Today I see some of the youngest children disrespecting their parents and not listening. They sometimes verbally abuse one or both parents. As I observe some of the young disrespectful strategies, all I could think of was "Ohhhhh, if you were in our family. I don't think you would be doing what you are doing now." I just shook my head and smiled, because our daddy is a special man- he was brave, kind, considerate and demanded respect from everyone with whom he came in contact. He really believed in the biblical ways of teaching and raising children.
Respecting Our Elders
At a very young age, we learned the importance of the elderly in every family. I learned that the elderly are valued in almost every culture. We must value their wisdom and knowledge that time had given to them. We were taught that our elders had been down some roads where we had yet to walk. Then we learned something very special about the elders. The righteous elders had been granted special powers to pray. We were taught that when there were troubles,especially sickness among family members, that we were to call on the elders (of the church). When they prayed, they prayed with power and that the believer would communicate their needs to the powers to be for change. So you wanted to express appreciation, honor, love and respect to those who could play a key role in our lives and our well-being.
Disobedient Children's Days Shall Be Shortened
As I shared earlier, there were some words and messages that our father used that we didn't quite understand until we got older. If any of us nine children disobeyed the rules or showed any sign of disrespect, our father would say, "a disobedient child's days are shortened." Now what kind of crazy talk was that? My siblings and I would look at each other with puzzling looks on their faces. What is daddy talking about now. As we grew older, he was able to point out some behaviors of young people in our community to help us understand what he was really trying to tell us:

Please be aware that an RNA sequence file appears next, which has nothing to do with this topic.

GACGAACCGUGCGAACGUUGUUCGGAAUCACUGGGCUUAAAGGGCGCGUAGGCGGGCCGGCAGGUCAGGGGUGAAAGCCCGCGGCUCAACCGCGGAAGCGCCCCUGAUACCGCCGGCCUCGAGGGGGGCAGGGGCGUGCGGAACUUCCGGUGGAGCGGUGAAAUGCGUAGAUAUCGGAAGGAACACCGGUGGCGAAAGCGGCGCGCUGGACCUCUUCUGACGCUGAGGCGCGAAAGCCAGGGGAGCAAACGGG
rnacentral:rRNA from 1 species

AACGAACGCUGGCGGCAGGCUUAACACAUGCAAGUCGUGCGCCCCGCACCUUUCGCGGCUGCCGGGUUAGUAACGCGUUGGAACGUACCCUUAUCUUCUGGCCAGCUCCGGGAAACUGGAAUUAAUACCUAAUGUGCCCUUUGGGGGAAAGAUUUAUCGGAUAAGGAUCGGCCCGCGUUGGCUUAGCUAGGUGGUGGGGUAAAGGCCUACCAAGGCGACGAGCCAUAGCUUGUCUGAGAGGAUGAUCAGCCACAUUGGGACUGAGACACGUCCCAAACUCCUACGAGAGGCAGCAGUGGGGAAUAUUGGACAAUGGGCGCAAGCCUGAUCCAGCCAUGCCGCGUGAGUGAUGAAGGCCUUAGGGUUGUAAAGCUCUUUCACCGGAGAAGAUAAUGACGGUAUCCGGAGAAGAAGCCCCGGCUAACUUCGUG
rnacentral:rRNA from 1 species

1) Bobbi- was only ten years old when he stole his uncle's car. We never knew a ten year-old who could drive. He stole the keys, drove down the street, and was paralyzed from the waist down.
2) Tamika- fifteen years old keep sneaking out of the house, meeting up with some other unruly girls and boys. Her father had to file a missing child report when she did not come home for three days. Luckily the police found her in a deserted house, frightened, raped and lost.
Well after he gave us these two horrific examples, we quickly got the message that "obedience is better than sacrifice," another term he used.
Thank You Daddy and All Fathers Who Love Their Children
While we know the task of raising children is not an easy one, we really do appreciate all of the time and special sacrifices you make on a daily basis for us. We may not always express our gratitude in an outward manner, we really do appreciate everything that you have done from the bottom of our hearts! So here is our special tribute to you:
F- forever providing for our needs
A- always by our side no matter what
T- time does not measure your patience with us
H- honor to you for the honorable experiences
E- enlightening the lives of so many with encouragement
R- reverence and respect were a natural part of your life!
Thank you father and all of the fathers for helping us to grow, develop, love and care. For you truly believe the African Proverb, "Children are the reward of life."